BERLIN-A powerful German drama about a soldier fighting the Taliban in Afghanistan and his unlikely friendship with a local interpreter premiered Tuesday at the Berlin film festival.

"Inbetween Worlds" by Feo Aladag was filmed over six weeks in northern Afghanistan. The director said she put her actors through a kind of "boot camp" and worked with a European-Afghan crew to achieve authenticity. Ronald Zehrfeld, who starred in the 2012 hit "Barbara" about an escape attempt from the former communist East Germany, plays Jesper, a soldier whose brother was killed in Afghanistan.

His unit is fighting to protect a village from the Taliban but, nearly as frequently, clashing with the locals over customs and laws. Tarik (Mohsin Ahmady) is an interpreter who has the high-risk task of bridging the cultural and linguistic distance between the foreign troops and frightened villagers. With Tarik's help, Jesper seeks to gain the trust of the locals and the allied Arbaki militia, but finds himself at odds with his own commanders who keep their distance from the Afghans.

The gulf between religions, and between rich and poor, plays out in their daily interactions but Jesper and Tarik find common ground in their desire to help. When it becomes clear that Tarik's sister, a university student, is under threat from the Taliban, Jesper must choose between his duties as a soldier and his own moral compass. "German Bundeswehr soldiers, when they swear their oath, oblige themselves to ultimately follow their own conscience and not the chain of command - this is an important point with regard to German history," Aladag told reporters.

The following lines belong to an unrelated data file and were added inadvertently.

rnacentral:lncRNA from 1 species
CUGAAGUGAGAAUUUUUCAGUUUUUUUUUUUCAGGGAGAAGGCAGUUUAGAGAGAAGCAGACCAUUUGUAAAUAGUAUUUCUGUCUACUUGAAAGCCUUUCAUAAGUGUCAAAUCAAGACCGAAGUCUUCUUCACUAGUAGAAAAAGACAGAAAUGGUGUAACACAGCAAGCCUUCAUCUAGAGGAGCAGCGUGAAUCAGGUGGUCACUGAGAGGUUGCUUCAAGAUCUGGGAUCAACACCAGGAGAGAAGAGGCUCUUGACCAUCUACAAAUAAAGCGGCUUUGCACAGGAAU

The Vienna-born Aladag, 42, worked as a journalist before making "When We Leave", a drama about so-called honour killings which won New York's Tribeca Film Festival in 2010. "Inbetween Worlds" is her second feature and one of 20 films in competition for Berlin's Golden Bear top prize, to be awarded on Saturday. The film comes as more than 50,000 combat troops from the US-led NATO force are planning to pull out by the end of this year.

Most of the 3,000 German troops deployed in Afghanistan are based in the northern city of Mazar-i-Sharif. Fifty-four German soldiers have died there. Germany is currently embroiled in a fierce debate over playing a more robust role in international military missions in the world's crisis zones. Zehrfeld said he wanted to shine a light on the moral responsibilities of those back at home in whose name the troops are deployed.

"We citizens gave legitimacy to the parliament and the parliament gave legitimacy to the deployment- and these soldiers come back marked by their experiences," he said. "We want to assume more foreign policy responsibility and we need to look at what that means." Jawed Taiman, the production manager in Afghanistan, said that the threat to locals who work with foreigners was very real.

"Working in media in Afghanistan, you're kind of blacklisted for them (the Taliban)," he said.  "So the danger is there for everybody every day." Aladag said Germany lagged behind countries such as the United States, Britain and New Zealand in expediting visa requests for local helpers in Afghanistan. "The work of interpreters is not only on the level of words but also to convey a sense of where the person is coming from, to make people truly understand each other," she said.